By MELISSA NELSON
Associated Press Writer
Prosecutors will ask a grand jury to indict seven men for first-degree murder in the home-invasion slayings of a wealthy Panhandle Couple, a move that could allow them to seek the death penalty, a state attorney said Thursday.
Judge Linda Nobles delayed court proceedings that had been scheduled Thursday for four of the people charged so far in the deaths of Byrd, 66 and Melanie Billings, 43. The couple were shot to death last month during a break-in at their home west of Pensacola. They were known for adopting 13 children with autism, downs syndrome and other special needs.
State Attorney Bill Eddins said he will present his case to a grand jury, which will convene on Tuesday, and asked the group to appear in court in one week to face new charges depending on the grand jury's decision.
Eddins and Escambia County Sheriff David Morgan have said the investigation into the July 9 home-invasion is continuing and that more arrests are possible.
Eddins said it is too early to say whether prosecutors will seek the death penalty against any of those arrested thus far.
"A decision to seek the death penalty has to be done a very deliberate and methodical way," he said.
Byrd and Melanie Billings' daughter, son-in-law, and other relatives filled the first row of the courtroom Thursday morning. They left the building through a back door without talking to the media.
Among those scheduled to appear for arraignment was karate instructor Leonard Gonzalez Jr., 35, who investigators have identified as the ringleader of the group. According to court documents, another suspect has told investigators that Gonzalez was the person who shot and killed the couple.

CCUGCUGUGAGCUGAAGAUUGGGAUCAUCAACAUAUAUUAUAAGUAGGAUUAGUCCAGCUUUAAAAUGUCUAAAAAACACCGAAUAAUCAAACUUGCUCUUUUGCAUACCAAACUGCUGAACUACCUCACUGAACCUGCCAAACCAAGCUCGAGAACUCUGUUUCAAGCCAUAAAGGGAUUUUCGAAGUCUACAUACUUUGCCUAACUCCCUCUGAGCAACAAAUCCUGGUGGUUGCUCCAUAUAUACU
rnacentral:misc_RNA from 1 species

In addition to the seven male suspects, Pamela Long Wiggins, 47, is charged as an accessory.
Wiggins, an antique shop owner, had rented a home to Gonzalez. Investigators found a safe from the Billings' home in her backyard. Wiggins' attorney entered a not guilty plea on her behalf on Wednesday, but Eddins said the charge against her will likely change.
Gonzalez's father, Leonard Patrick Gonzalez, 56, appeared in court with his attorney, Tony Henderson. Henderson entered a not guilty plea for Gonzalez to the four charges he currently faces: two counts of second degree murder and two counts of home invasion with a firearm. Henderson said the elder Gonzalez will return to court in a week to respond to the new charges that will likely be brought after the grand jury meets.
Investigators discovered a red van identified from security cameras at the Billings' home in the elder Gonzalez's yard after the murders.
A fourth suspect, Wayne Thomas Coldiron, 41, also appeared in the courtroom. Coldiron, who faces the same charges as Gonzalez, appeared without his attorney. He looked around the room and smiled at the dozens of onlookers. He complained to the judge about a problem with the water in his jail cell before agreeing to have his arraignment postponed and being led away by deputies.
Investigators have said the men were dressed in "ninja garb," in all black clothing and masks, and that they entered the Billings' home, shot and killed the couple and left within four minutes. Nine of the couple's 17 children were home and in other parts of the sprawling estate during the home-invasion. The couple had four biological and 13 adopted children.